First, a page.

Storytelling and STEM

This article is a little different from my usual fare. Between school and last week’s post, I wanted to talk about the practical side of being a creative writer while studying and working in engineering. Most of us aren’t full-time writers, so I’m hoping some of this applies to other people. At least, I hope it provides an interesting insight into why I’ve made certain choices with this blog. This also serves as an answer to some questions I’ve gotten on Tumblr about this topic, so I hope you enjoy!

How I balance my writing with my career choice:

I started posting my writing online on Tumblr the summer before I started uni. I considered how I wanted to present myself in both aspects of my life. It was my first venture into any social media, so I set up accounts using my real name to connect with professionals from my school. I also didn’t want my engineering professors, admissions councilors, or potential recruiters to google my name, find my “fantasy adventure nonsense,” and get confused. Or worse, dismiss me as being too flighty or inconsistent to succeed in the engineering field. I also wanted to maintain a certain level of privacy. If my writing attracted negative attention, I would have the safety of anonymity.

A year, a manuscript, and a community later, I started this website. Hi! I’m Etta Grace. Welcome!

How I balance studies with writing

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My Personal Process: Outlining/Plotting

Welcome to the second entry in this series of Personal Process posts! This series is keeping with the theme of the month, and for February I’m going to be talking about outlining and plotting, since I’m neck deep in planning The Laoche Chronicles and this gives me the chance to both share some behind-the-scenes with you, as well as give you some tips on how I make outlining work for me. This is just my process, and I’m not saying it’s the end all-be all for plotters, just another method that you might be able to learn from and adapt to suit your storytelling needs.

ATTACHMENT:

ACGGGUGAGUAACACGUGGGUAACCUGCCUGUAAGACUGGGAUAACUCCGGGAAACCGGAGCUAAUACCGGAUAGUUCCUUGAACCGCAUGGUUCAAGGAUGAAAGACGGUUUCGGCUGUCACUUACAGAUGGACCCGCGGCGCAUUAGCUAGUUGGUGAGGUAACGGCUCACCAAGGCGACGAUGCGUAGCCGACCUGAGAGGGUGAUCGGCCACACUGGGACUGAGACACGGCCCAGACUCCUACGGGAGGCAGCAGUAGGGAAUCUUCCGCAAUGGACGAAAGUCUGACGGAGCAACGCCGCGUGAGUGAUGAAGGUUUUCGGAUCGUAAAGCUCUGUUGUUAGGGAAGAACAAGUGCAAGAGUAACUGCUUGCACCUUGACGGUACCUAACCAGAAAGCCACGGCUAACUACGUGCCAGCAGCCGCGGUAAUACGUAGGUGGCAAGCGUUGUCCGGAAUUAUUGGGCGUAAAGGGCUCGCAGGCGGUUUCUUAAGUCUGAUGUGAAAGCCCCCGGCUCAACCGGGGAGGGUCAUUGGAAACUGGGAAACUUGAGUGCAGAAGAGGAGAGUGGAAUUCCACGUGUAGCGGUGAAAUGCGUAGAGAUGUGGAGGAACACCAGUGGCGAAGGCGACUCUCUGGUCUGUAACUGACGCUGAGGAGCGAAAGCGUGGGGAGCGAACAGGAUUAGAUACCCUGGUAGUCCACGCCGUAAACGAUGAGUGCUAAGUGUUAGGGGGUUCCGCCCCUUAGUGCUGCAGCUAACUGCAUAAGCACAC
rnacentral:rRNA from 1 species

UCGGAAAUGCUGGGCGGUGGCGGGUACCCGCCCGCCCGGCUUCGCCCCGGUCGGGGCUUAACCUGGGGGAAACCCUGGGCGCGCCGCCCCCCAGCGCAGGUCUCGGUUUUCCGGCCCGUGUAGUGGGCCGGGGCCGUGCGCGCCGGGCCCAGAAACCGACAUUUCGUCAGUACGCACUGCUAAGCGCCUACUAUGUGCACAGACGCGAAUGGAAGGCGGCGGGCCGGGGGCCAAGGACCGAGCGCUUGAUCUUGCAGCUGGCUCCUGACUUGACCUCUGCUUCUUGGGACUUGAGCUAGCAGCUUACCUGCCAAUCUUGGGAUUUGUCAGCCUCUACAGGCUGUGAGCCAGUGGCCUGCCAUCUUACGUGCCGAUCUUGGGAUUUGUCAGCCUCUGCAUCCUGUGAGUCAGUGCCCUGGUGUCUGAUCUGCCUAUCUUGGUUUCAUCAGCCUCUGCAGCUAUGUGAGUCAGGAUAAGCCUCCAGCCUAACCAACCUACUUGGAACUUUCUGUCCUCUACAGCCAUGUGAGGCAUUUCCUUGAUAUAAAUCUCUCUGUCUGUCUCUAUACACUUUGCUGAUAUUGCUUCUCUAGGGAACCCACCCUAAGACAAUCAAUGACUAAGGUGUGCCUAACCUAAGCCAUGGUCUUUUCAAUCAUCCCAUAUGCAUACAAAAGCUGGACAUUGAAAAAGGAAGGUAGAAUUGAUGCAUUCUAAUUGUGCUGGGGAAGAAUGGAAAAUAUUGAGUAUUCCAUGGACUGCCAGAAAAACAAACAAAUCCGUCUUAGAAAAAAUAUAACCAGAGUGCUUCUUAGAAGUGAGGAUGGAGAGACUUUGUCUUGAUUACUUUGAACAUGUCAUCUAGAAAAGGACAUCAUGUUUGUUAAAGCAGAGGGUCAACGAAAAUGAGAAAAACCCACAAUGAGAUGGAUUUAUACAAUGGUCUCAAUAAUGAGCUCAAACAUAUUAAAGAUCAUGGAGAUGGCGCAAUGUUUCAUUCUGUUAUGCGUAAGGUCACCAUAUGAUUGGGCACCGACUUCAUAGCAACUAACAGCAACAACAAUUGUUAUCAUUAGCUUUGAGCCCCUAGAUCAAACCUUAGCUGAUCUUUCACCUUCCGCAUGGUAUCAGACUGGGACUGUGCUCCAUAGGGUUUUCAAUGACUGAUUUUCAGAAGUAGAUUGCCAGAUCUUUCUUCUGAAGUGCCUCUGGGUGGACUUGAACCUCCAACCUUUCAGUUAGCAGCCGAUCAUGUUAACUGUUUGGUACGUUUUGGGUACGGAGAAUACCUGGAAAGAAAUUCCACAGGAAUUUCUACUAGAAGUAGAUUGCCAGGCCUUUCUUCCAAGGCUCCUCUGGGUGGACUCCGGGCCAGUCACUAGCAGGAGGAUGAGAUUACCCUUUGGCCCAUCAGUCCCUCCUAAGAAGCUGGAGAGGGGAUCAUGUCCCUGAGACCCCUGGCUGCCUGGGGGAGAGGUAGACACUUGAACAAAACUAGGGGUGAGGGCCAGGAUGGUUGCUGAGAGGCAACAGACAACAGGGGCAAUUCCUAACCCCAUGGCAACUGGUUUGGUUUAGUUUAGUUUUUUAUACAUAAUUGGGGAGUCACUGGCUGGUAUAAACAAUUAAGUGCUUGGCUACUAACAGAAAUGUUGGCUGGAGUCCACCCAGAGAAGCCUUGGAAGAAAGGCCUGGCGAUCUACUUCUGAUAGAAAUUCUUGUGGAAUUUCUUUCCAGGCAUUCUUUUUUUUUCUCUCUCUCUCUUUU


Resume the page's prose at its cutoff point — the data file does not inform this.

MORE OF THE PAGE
It works particularly well for very complicated series, but if I’m working on a more straightforward contemporary novella, I’ll skip over the whiteboard step and go straight into the document outline. For short stories, I might just make a bullet point list of Stakes, Beginning, Middle, Climax, End, Character Drive. I find that knowing how to tackle all the different angles leads to a better understanding of structure in general, so I find it interesting to study all the different scopes, then change this process to fit the needs of my current WIP.

Step 1: Brain Dumping

At this point, I probably have some semblance of a premise and characters for this idea, and possibly also an endgame idea of where I want to take the story but not middle or clue of how to get from point A to point B. This is where I collect ALL the thoughts. Usually, I do this between phone notes and a document on my laptop for brainstorming, but I also use voice memos or whatever else works. I’ve drawn ideas on my hand in pen during a life guarding shift before and just taken pictures of my inked-over arm before I have to jump into the pool again. It happens. In any case, you have ideas.

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